It goes without saying that Warren Miller movies and ski season go hand-in-hand. For my family that means that every Saturday and Sunday between now and mid-April, we follow a routine: At 7 a.m., just after sliding cinnamon rolls into the oven, we turn on a Warren Miller movie, crank up the volume, and get pumped for the adventure ahead.

That routine pales in comparison to appearing in the films themselves, something Olympic gold medalist Tommy Moe has done several times over—including in “Line of Descent,” the latest film, which premiers at the Paramount Theatre tonight. Moe is flying in from his hometown of Jackson Hole, Wyoming, to catch the flick and watch the work of cinematographer Tom Day, who captured Moe, Jess McMillan, and other riders charging down Jackson Hole’s fearsome terrain. “‘Line of Descent’ refers to skiing down a run but there’s also a family correlation,” Moe says as he explains that he and his wife’s daughters Taylor (9) and Taren (7) also appear in the film. The girls have skiing in their genes—and not just from their dad. Moe’s wife is Megan Gerety, who was an Olympic downhill racer in the age of Picabo Street.

But it’s not just the Warren Miller film that have people talking about Moe, it’s also the Winter Olympics coming up in PyeongChang, South Korea, in February. In 1994, in Lillehammer, Norway, Moe was the first American to win two medals in a single Olympic games: he won gold in Downhill and silver in Super G. He remains the last American to win won gold in the Downhill.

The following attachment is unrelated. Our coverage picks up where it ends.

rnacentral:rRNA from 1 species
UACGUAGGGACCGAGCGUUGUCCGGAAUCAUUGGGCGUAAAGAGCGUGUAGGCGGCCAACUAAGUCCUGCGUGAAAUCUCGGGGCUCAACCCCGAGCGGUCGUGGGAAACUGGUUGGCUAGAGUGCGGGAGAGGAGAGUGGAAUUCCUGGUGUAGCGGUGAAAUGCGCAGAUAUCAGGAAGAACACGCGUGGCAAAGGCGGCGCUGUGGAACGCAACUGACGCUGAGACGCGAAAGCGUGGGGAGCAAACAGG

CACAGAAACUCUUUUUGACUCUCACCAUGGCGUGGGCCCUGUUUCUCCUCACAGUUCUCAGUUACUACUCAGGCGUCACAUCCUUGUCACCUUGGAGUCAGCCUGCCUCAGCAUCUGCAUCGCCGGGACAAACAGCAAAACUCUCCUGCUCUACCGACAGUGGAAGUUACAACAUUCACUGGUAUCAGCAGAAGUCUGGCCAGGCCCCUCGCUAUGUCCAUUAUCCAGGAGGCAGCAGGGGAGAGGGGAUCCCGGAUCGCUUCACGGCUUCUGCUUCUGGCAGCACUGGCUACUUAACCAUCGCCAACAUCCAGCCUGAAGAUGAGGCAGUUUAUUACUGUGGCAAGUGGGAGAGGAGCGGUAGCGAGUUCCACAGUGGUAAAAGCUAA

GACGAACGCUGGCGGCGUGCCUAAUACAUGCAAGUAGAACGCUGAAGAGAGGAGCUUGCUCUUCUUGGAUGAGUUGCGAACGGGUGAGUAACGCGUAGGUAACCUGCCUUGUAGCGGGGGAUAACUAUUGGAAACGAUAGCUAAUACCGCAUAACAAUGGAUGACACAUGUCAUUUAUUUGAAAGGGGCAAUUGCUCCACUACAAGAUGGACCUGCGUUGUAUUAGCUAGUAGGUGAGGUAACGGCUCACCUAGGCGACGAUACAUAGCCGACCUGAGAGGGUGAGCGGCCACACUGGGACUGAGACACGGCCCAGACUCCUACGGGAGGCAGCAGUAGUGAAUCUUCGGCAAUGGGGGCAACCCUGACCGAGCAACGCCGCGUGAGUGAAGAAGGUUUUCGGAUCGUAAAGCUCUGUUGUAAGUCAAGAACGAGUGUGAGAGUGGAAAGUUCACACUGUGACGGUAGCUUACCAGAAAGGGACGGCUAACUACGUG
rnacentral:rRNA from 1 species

As you might imagine, Moe will be watching the games closely. “There’s the mystique of Olympic downhillers—it’s a roll the dice prospect,” he says. He’s putting his money on Utah skier Steven Nyman (“last year he was on the podium and he won three or four World Cup Downwhills”) and Travis Ganong from Squaw Valley (“he’s a dark horse, kind of like I was.”). Rather than attending the games, as Moe has sometimes done in the past, he’ll enjoy the view from the comfort of home

Moe still skis 120 days a year, and splits his time between Jackson Hole and Alaska, where he co-owns Tordillo Mountain Lodge, a five-star heli-ski operation with access to 1.2 million acres of ski terrain. He says there are many similarities between skiing in the Tetons and skiing in the Tordillos. “There’s a lot of granite and high-alpine terrain, it’s super exposed, and we get a lot of snow,” Moe says. Guests come for a week and, in the winter, heli-ski, snow bike, snowshoe, and otherwise explore the pristine landscape. The lodge has a summer season too with fishing, rafting, and most recently, heli-biking, where a helicopter delivers a lucky few to the top of ridges for unparalleled rides.

If this all sounds downright dreamy, the Warren Miller crew must think so too: Footage of Tordillo Mountain Lodge’s adventures—with Moe again skiing his heart out—will appear in next year’s film.

Amanda M. Faison
Amanda M. Faison
Freelance writer Amanda M. Faison spent 20 years at 5280 Magazine, 12 of those as Food Editor.